>How many moves are typically required to complete the solve in a competition?
Typically 17 or 18 are required no matter what (this depends on scramble; it can be as low as 2 and as high as 20), but in practice we usually take 40-60 moves on average.

>is the starting state ever recorded anywhere?
The WCA database. There's an online interface at wcadb.net. Note that in competitions with multiple scramble groups, the database does not track who is in which group.

>how many moves were necessary to solve it?
No. You can get the scrambles from the database export and feed them to Cube Explorer, though.

>in what time?
You can check this on the WCA website itself.
 

Nir1213

Member
Joined
Aug 31, 2020
Messages
1,375
YouTube
Visit Channel
Do a little googling and you will find your answers. It depends which method you are talking about for how many moves there are, and also how efficient solutions are. On average, with CFOP (The most popular method) there is about 50-70 moves in a solve. In competition, every cube gets a different scramble, so no two are in the same state, and these stats are published in a lot of different place. The speesolving wiki is good for this kind of info, just search for what you need to know. Try searching for methods, instead of move counts, as the method pages have move counts in them.
To add on, if people use Roux its more move efficient at around 40 - 50, but I havent tried Roux and I'm just looking at the speedsolving wiki. There is also ZZ, in which the speedsolving wiki says 45 moves with eoline, and 53 with eocross.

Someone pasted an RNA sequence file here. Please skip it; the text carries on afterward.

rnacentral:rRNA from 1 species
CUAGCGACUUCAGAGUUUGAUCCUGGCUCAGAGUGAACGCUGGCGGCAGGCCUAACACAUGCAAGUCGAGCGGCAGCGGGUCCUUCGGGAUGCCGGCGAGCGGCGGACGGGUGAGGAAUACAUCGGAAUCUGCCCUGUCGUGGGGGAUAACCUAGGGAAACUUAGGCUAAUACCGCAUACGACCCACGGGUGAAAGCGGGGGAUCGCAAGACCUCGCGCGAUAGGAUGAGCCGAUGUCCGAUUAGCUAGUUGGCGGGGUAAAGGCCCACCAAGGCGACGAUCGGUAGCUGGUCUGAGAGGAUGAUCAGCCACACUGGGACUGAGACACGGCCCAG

SlowCubez

Member
Joined
Jan 9, 2021
Messages
15
Do a little googling and you will find your answers.
I did but I guess I didn't use the correct search terms.

Anyway. You say the most common is method CFOP. (Sorry, I'm not a 'real' cuber so the term was foreign to me till I google that)

The 3x3 method I use is White Cross, Middle edges, White corners, Yellow edges, Yellow Corners.

My method, kind of, looks a bit like CFOP?

But I'm confused. I use my method for a well scrambled cube. But even if the cube only has a few squares out of position I still go through my whole method.

Surely you speedsolvers aren't just going through the whole sequence the same way I do? I just assumed you could look at a cube and figure out the shortest route ignoring fixed sequences such as CFOP

Sorry. I hope this isn't sounding disrespectful - I'm really just trying to understand how you speedsolvers do that amazing feat.

I thought that in order to get faster I'd need to abandon my simple, foolproof, slow, method. or are you saying my method is fine - I just need a faster cube and faster fingers.
 

DNF_Cuber

Member
Joined
Nov 14, 2020
Messages